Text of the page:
Global equities fell -4.5% lower amid trade war fears, technology worries and central bank meetings. Recent market volatility is following the correction playbook almost perfectly. Scary stories are quickly extrapolated beyond their actual importance. Stock market drops and rebounds have been short, sharp, and steep. And the pace and duration of the downturn have been very typical of a correction. As we have always said, corrections are uncomfortable, but they come and go quickly so it’s best to wait them out—the bull market uptrend should resume before long.
On Thursday, President Trump signed an executive order putting tariffs on Chinese imports worth $50–$60 billion. Narrowly targeted tariffs are common and haven’t historically triggered trade wars, global recessions or bear markets. A true trade war with wallop power to derail a bull market would need to affect thousands of goods and knock off trillions in global GDP. In contrast, the recently announced tariffs amount to less than 0.1% of global GDP—far too small to derail the global economic expansion. For more analysis, please see our 03/22/2018 commentary, “China Tariffs: Big Overtime for Lobbyists, Small Share of Total Imports.”
Elsewhere in politics, Congress passed a $1.3 trillion spending bill that would keep the government funded through September 30. As of this writing, the bill is headed to the White House for President Trump’s signature. In US economic news, data were mostly positive. The Conference Board’s February Leading Economic Index (LEI) rose 0.6%, beating forecasts. The March Markit services and manufacturing Flash Purchasing Manager’s Indexes (PMIs) fell, but remained expansionary. February durable goods orders increased 3.1% m/m, beating expectations. As widely expected, the Fed—under new chairman Jerome Powell—raised their Fed-Funds target range by 25 basis points to 1.5%–1.75%. In Powell’s comments explaining the Fed’s sixth hike in three years, he noted economic improvement, strong job gains and inflation that is likely to stabilize around the 2% target in the year ahead.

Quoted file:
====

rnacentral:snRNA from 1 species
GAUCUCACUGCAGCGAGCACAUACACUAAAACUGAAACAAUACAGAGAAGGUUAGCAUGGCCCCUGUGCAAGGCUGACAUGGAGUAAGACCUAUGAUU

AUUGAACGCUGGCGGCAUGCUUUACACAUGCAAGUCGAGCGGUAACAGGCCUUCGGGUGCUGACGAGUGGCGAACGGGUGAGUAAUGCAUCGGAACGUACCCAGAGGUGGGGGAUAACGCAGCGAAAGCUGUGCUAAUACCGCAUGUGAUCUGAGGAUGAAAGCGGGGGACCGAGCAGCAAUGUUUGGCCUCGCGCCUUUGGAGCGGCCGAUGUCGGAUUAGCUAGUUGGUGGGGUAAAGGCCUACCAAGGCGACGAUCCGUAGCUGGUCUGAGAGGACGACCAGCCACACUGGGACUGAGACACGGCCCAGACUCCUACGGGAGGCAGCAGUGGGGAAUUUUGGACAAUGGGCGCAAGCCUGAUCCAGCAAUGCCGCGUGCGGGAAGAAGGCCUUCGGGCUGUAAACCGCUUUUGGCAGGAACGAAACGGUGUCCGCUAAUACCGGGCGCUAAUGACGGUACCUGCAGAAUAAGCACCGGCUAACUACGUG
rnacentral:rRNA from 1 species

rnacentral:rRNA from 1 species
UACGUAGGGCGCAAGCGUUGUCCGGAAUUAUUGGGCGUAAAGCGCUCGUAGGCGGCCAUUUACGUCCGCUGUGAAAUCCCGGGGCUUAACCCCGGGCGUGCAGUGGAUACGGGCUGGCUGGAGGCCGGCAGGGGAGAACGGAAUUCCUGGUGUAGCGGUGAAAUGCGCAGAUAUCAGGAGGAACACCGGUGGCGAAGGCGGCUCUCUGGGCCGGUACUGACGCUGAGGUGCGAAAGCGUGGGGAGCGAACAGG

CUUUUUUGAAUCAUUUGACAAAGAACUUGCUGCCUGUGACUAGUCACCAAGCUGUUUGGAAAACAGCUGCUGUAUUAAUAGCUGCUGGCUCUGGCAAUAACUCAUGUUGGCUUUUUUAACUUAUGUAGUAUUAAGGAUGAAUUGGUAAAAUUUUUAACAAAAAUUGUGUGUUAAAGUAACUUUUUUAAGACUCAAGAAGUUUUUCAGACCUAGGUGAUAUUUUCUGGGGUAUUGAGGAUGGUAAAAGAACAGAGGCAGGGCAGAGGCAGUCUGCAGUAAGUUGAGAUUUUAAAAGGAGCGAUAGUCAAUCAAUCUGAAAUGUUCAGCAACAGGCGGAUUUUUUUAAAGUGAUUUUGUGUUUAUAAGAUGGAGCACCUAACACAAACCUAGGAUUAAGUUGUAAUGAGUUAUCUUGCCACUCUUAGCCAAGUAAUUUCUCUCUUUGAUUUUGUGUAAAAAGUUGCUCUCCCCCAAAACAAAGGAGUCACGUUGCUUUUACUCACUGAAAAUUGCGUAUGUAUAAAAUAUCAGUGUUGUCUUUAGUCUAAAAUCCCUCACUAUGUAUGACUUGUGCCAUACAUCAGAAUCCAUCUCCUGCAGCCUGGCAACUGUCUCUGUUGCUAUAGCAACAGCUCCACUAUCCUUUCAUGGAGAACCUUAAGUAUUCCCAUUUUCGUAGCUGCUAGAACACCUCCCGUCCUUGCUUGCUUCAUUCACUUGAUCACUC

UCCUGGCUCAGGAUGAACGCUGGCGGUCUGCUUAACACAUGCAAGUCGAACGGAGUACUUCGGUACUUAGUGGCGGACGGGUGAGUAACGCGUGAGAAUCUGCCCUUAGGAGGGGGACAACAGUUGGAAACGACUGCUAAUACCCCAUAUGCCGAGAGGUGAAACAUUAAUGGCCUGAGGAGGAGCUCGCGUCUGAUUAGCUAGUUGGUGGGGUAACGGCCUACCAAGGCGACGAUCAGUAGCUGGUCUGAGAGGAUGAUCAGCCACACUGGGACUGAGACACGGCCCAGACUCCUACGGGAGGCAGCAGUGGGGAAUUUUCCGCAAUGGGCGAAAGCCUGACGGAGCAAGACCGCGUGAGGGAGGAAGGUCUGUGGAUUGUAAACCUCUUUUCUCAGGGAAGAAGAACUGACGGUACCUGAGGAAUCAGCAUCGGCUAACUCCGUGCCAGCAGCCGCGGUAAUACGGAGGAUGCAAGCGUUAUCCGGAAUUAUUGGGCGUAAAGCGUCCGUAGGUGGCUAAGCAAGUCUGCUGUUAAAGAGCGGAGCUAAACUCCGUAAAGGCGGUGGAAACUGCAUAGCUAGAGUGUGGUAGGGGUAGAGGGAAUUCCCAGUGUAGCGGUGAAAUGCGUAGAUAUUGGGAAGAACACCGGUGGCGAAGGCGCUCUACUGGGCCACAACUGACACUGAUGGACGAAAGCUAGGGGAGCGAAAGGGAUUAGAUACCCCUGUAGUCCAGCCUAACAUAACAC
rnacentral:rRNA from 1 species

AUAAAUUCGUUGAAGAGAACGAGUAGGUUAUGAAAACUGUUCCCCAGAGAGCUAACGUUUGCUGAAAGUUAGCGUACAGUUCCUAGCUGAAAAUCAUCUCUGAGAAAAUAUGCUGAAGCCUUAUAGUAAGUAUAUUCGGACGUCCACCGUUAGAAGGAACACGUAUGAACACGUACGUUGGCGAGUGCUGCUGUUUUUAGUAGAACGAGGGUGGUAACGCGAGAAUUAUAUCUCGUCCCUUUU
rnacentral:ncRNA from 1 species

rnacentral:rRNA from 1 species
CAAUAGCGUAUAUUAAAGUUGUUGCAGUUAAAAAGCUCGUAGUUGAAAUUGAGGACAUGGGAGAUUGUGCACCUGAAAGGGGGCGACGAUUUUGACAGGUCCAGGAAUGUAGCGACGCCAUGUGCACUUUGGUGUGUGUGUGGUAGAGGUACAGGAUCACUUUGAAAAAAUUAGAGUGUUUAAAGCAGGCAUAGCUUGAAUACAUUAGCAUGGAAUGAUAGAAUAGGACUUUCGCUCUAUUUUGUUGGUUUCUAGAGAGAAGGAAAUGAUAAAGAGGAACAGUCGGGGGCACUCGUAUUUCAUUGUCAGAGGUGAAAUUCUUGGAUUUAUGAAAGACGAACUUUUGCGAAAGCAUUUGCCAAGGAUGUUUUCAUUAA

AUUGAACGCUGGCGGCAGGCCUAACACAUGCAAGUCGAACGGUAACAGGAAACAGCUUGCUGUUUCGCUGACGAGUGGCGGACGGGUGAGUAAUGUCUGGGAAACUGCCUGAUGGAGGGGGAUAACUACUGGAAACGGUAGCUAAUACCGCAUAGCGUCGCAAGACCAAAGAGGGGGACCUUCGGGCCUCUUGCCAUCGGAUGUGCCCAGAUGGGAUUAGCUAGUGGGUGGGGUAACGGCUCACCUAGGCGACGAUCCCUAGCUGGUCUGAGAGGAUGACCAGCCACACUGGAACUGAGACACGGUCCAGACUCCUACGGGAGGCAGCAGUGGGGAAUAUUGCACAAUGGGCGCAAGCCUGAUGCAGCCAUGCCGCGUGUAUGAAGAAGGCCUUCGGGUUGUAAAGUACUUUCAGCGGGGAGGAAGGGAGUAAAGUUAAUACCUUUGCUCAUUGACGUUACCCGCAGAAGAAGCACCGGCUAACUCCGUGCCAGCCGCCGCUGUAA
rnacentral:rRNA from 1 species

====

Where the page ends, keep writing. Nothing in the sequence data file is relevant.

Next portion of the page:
In the eurozone, March Markit services and manufacturing Flash PMIs came in at 55.0 and 56.6—both below forecasts though still indicating expansion. January export and import values rose 9.1% y/y and 6.3% y/y, respectively. In the UK, February retail sales increased 0.8% m/m and 1.5% y/y—ahead of forecasts. Core inflation (excluding energy, food, alcohol and tobacco) slowed to 2.4% in February. The Bank of England left its monetary policy unchanged. The UK and European Union (EU) agreed on the length and terms of the post-Brexit transition period—through December 2020 the UK will act as an EU member. Whatever happens after 2020 remains unknown; however, markets will have plenty of time to price in the final agreement’s positives and negatives. For more, see our 03/19/2018 commentary, “About That Brexit Breakthrough.”
In Japan, the March Nikkei manufacturing Flash PMI fell to 53.2 from February’s 54.1—lower than expected. February core-core consumer prices (excluding food and energy) rose 0.5% y/y. The Lunar New Year skewed February trade data: export and import values increased 1.8% y/y and 16.5% y/y, respectively.
The US and UK release third estimates of Q4 2017 GDP. The eurozone reports February loan growth and Germany posts the March unemployment rate. Japan announces February retail sales, industrial production and unemployment data. China releases March manufacturing and non-manufacturing PMIs.
Source for all data cited is FactSet. This update constitutes the general views of Fisher Investments and should not be regarded as personalized investment advice. No assurances are made we will continue to hold these views, which may change at any time based on new information, analysis or reconsideration. In addition, no assurances are made regarding the accuracy of any forecast made herein. Global equities are represented by the MSCI World Index. The MSCI World Index measures the performance of selected stocks in 23 developed countries and is presented net of dividend withholding taxes and uses a Luxembourg tax basis. Past performance is no guarantee of future results. A risk of loss is involved with investments in stock markets.